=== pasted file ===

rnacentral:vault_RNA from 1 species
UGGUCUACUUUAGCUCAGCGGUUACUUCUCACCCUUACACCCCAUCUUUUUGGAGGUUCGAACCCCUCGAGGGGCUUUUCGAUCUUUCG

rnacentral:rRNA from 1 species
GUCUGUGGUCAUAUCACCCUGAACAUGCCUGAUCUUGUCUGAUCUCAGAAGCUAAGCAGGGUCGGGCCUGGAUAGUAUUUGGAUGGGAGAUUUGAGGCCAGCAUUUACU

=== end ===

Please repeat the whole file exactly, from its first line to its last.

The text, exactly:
rnacentral:vault_RNA from 1 species
UGGUCUACUUUAGCUCAGCGGUUACUUCUCACCCUUACACCCCAUCUUUUUGGAGGUUCGAACCCCUCGAGGGGCUUUUCGAUCUUUCG

rnacentral:rRNA from 1 species
GUCUGUGGUCAUAUCACCCUGAACAUGCCUGAUCUUGUCUGAUCUCAGAAGCUAAGCAGGGUCGGGCCUGGAUAGUAUUUGGAUGGGAGAUUUGAGGCCAGCAUUUACU